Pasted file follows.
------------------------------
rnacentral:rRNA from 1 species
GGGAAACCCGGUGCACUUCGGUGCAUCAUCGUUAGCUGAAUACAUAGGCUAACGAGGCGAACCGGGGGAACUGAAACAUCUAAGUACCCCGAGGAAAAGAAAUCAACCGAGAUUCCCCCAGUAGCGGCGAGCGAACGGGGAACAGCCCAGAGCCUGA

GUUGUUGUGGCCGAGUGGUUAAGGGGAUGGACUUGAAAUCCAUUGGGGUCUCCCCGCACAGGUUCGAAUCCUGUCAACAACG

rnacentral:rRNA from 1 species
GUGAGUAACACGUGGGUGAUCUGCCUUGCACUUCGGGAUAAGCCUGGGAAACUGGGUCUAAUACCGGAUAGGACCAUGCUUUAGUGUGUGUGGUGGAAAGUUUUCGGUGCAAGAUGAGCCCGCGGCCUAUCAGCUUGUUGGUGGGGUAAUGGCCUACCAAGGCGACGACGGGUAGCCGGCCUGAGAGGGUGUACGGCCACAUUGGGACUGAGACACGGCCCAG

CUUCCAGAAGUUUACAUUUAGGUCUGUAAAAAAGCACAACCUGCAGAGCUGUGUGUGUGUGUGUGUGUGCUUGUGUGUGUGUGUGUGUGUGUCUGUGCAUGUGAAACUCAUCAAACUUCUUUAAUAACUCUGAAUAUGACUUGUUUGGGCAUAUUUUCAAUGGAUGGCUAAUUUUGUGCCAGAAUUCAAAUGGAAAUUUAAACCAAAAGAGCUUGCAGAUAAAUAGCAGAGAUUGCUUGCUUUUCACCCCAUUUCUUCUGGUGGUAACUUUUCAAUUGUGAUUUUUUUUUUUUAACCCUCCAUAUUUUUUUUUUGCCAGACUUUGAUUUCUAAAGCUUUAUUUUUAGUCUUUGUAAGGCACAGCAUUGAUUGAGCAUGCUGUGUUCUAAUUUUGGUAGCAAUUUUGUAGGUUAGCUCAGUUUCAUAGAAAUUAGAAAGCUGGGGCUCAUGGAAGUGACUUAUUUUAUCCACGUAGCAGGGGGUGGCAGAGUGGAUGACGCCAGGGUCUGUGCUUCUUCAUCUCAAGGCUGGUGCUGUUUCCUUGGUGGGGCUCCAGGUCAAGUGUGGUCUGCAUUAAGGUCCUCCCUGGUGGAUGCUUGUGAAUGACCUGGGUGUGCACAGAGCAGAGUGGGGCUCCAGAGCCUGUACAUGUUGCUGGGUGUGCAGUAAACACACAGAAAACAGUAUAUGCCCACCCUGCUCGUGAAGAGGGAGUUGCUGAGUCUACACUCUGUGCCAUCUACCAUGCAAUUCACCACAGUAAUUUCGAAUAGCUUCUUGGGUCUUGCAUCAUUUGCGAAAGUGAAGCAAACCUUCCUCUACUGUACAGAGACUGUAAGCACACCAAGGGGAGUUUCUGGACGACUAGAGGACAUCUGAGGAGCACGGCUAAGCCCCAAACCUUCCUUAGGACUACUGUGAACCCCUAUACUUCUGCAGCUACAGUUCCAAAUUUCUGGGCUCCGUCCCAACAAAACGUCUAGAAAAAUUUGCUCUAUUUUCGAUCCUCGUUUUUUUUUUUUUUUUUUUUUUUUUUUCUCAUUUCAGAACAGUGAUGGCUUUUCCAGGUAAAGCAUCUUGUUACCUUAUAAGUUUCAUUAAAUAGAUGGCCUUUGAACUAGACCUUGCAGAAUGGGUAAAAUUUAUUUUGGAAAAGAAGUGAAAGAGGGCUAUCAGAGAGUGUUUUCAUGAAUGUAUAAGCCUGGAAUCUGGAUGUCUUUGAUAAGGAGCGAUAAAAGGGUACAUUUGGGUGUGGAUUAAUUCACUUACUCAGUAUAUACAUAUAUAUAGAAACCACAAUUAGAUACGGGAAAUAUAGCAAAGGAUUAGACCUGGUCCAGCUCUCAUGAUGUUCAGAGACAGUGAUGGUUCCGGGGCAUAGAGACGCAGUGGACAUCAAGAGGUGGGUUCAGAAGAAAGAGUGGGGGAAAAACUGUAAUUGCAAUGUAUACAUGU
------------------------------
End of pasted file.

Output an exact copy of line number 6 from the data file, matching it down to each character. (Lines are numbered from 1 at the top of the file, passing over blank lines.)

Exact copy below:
CUUCCAGAAGUUUACAUUUAGGUCUGUAAAAAAGCACAACCUGCAGAGCUGUGUGUGUGUGUGUGUGUGCUUGUGUGUGUGUGUGUGUGUGUCUGUGCAUGUGAAACUCAUCAAACUUCUUUAAUAACUCUGAAUAUGACUUGUUUGGGCAUAUUUUCAAUGGAUGGCUAAUUUUGUGCCAGAAUUCAAAUGGAAAUUUAAACCAAAAGAGCUUGCAGAUAAAUAGCAGAGAUUGCUUGCUUUUCACCCCAUUUCUUCUGGUGGUAACUUUUCAAUUGUGAUUUUUUUUUUUUAACCCUCCAUAUUUUUUUUUUGCCAGACUUUGAUUUCUAAAGCUUUAUUUUUAGUCUUUGUAAGGCACAGCAUUGAUUGAGCAUGCUGUGUUCUAAUUUUGGUAGCAAUUUUGUAGGUUAGCUCAGUUUCAUAGAAAUUAGAAAGCUGGGGCUCAUGGAAGUGACUUAUUUUAUCCACGUAGCAGGGGGUGGCAGAGUGGAUGACGCCAGGGUCUGUGCUUCUUCAUCUCAAGGCUGGUGCUGUUUCCUUGGUGGGGCUCCAGGUCAAGUGUGGUCUGCAUUAAGGUCCUCCCUGGUGGAUGCUUGUGAAUGACCUGGGUGUGCACAGAGCAGAGUGGGGCUCCAGAGCCUGUACAUGUUGCUGGGUGUGCAGUAAACACACAGAAAACAGUAUAUGCCCACCCUGCUCGUGAAGAGGGAGUUGCUGAGUCUACACUCUGUGCCAUCUACCAUGCAAUUCACCACAGUAAUUUCGAAUAGCUUCUUGGGUCUUGCAUCAUUUGCGAAAGUGAAGCAAACCUUCCUCUACUGUACAGAGACUGUAAGCACACCAAGGGGAGUUUCUGGACGACUAGAGGACAUCUGAGGAGCACGGCUAAGCCCCAAACCUUCCUUAGGACUACUGUGAACCCCUAUACUUCUGCAGCUACAGUUCCAAAUUUCUGGGCUCCGUCCCAACAAAACGUCUAGAAAAAUUUGCUCUAUUUUCGAUCCUCGUUUUUUUUUUUUUUUUUUUUUUUUUUUCUCAUUUCAGAACAGUGAUGGCUUUUCCAGGUAAAGCAUCUUGUUACCUUAUAAGUUUCAUUAAAUAGAUGGCCUUUGAACUAGACCUUGCAGAAUGGGUAAAAUUUAUUUUGGAAAAGAAGUGAAAGAGGGCUAUCAGAGAGUGUUUUCAUGAAUGUAUAAGCCUGGAAUCUGGAUGUCUUUGAUAAGGAGCGAUAAAAGGGUACAUUUGGGUGUGGAUUAAUUCACUUACUCAGUAUAUACAUAUAUAUAGAAACCACAAUUAGAUACGGGAAAUAUAGCAAAGGAUUAGACCUGGUCCAGCUCUCAUGAUGUUCAGAGACAGUGAUGGUUCCGGGGCAUAGAGACGCAGUGGACAUCAAGAGGUGGGUUCAGAAGAAAGAGUGGGGGAAAAACUGUAAUUGCAAUGUAUACAUGU